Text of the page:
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The functional connectivity between nucleus accumbens and the ventromedial prefrontal cortex as an endophenotype for bipolar disorder

Whittaker, Joseph R., Foley, Sonya F., Ackling, Edward, Murphy, Kevin and Caseras, Xavier 2018. The functional connectivity between nucleus accumbens and the ventromedial prefrontal cortex as an endophenotype for bipolar disorder. Biological Psychiatry 84 (11) , pp. 803-809. 10.1016/j.biopsych.2018.07.023

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Abstract

Background Alterations in functional connectivity between the nucleus accumbens (NAcc) and frontal cortices have been previously associated with the presence of psychiatric syndromes, among them bipolar disorder. Whether these alterations are a consequence or a risk factor for mental disorders remains unresolved. Methods This study included 35 bipolar participants, 30 of their resilient siblings, and 23 healthy controls to probe functional connectivity at rest between NAcc and the rest of the brain in a cross-sectional design. BOLD time series at rest from NAcc were used as seed-region in a woxel-wise correlational analysis. The strength of the correlations found were compared across groups after Fisher’s Z transformation. Results Our results showed increased functional connectivity between NAcc and a ventromedial prefrontal cortex (vmPFC) - comprising mainly the subgenual anterior cingulate - in patients compared to controls. Participants at increased genetic risk but yet resilient – i.e. unaffected siblings - showed functional connectivity values midway between the former two groups. Conclusions Our results are indicative of the potential for the connectivity between NAcc and the vmPFC to represent an endophenotype for bipolar disorder.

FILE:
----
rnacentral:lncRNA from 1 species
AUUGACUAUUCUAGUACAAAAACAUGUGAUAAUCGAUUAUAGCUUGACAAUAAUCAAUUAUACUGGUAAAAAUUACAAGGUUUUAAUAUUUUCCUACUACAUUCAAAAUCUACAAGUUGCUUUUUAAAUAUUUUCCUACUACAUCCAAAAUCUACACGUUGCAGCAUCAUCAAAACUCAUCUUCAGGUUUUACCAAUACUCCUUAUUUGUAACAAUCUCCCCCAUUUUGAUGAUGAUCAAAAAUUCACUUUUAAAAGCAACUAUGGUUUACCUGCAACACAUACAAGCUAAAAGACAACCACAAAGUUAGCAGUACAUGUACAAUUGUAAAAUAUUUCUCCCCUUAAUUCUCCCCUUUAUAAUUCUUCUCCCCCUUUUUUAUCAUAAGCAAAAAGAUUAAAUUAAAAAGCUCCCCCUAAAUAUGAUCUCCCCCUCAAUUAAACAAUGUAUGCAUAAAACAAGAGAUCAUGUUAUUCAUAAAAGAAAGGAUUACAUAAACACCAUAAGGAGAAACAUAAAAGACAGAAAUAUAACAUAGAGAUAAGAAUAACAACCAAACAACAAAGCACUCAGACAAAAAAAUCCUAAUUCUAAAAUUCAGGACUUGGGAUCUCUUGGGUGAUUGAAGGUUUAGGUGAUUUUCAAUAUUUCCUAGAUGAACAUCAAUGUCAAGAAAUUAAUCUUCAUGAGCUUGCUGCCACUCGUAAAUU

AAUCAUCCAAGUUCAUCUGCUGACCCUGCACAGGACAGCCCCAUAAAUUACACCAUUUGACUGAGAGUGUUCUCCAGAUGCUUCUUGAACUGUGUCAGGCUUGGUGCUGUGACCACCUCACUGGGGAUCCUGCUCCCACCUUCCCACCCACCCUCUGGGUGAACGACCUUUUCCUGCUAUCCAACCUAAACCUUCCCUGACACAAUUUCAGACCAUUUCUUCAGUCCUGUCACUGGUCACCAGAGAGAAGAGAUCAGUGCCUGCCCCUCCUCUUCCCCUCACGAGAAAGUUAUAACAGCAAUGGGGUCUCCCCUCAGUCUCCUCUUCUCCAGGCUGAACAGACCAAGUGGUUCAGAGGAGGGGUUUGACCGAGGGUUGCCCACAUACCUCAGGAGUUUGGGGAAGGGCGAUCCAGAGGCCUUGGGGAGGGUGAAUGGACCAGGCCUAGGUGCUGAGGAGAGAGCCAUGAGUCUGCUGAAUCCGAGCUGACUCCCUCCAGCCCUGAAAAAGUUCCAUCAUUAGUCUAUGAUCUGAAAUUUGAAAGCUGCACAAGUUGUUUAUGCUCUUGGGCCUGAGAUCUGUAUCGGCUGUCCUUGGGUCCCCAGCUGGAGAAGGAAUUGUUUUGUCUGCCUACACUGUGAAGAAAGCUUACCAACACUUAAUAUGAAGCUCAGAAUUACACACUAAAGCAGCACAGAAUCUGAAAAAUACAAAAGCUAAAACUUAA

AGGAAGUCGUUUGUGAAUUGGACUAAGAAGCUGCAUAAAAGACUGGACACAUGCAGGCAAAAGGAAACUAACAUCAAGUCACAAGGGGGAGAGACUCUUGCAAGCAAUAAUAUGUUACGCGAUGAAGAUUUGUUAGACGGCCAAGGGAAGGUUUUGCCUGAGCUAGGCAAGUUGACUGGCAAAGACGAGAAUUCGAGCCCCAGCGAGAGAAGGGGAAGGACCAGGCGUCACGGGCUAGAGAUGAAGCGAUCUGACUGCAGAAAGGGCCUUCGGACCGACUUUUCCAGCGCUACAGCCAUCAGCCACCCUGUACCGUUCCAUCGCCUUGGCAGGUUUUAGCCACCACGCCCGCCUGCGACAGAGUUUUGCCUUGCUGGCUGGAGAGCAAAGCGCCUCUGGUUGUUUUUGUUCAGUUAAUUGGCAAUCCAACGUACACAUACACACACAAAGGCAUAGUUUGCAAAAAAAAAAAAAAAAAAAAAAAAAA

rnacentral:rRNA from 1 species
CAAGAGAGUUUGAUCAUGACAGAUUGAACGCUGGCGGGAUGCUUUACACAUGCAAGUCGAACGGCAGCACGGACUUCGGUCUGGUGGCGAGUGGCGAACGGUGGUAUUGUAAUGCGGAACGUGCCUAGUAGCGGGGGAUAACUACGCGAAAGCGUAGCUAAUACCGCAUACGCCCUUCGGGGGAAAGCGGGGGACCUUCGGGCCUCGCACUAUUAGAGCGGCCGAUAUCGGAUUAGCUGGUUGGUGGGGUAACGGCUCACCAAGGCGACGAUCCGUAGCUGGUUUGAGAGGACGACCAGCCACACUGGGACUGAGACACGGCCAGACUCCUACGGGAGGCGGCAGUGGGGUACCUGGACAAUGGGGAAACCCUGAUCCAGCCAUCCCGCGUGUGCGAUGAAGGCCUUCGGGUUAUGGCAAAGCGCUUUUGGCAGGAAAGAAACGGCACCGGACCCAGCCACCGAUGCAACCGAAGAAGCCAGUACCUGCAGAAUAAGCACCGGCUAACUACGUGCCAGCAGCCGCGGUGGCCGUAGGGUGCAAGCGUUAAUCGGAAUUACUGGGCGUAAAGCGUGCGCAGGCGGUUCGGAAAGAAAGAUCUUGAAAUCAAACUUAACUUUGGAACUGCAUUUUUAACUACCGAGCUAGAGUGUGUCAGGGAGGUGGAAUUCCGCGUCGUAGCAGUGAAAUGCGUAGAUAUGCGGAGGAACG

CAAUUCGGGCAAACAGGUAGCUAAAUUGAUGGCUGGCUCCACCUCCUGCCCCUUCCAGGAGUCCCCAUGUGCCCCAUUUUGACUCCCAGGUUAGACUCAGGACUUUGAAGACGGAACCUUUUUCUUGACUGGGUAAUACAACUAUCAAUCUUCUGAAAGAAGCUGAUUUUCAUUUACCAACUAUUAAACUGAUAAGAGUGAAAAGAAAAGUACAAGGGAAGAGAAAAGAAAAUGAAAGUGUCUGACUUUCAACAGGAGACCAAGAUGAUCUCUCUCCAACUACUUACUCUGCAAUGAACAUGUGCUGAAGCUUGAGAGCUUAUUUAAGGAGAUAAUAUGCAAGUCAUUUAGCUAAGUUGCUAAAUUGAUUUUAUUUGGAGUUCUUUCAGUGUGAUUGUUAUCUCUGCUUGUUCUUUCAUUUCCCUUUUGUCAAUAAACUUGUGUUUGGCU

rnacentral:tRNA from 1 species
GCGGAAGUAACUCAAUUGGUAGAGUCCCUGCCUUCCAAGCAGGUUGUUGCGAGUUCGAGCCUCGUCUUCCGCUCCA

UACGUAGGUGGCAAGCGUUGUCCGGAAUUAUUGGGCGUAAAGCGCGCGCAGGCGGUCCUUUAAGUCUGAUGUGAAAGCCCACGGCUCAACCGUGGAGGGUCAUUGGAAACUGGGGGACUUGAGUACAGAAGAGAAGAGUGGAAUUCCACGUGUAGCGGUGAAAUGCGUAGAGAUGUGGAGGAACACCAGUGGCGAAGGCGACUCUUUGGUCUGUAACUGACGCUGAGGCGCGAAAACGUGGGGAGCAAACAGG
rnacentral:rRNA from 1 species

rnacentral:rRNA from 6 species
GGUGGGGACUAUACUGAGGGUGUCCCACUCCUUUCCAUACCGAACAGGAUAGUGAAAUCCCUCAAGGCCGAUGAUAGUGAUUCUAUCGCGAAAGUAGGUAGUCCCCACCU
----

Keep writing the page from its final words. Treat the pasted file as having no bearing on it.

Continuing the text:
Item Type: Article
Date Type: Publication
Status: Published
Schools: Cardiff University Brain Research Imaging Centre (CUBRIC)
Medicine
Physics and Astronomy
Psychology
Publisher: Elsevier
ISSN: 0006-3223
Funders: Wellcome Trust
Date of First Compliant Deposit: 14 August 2018
Date of Acceptance: 25 July 2018
Last Modified: 30 May 2019 20:57
URI: http://orca.cf.ac.uk/id/eprint/114172

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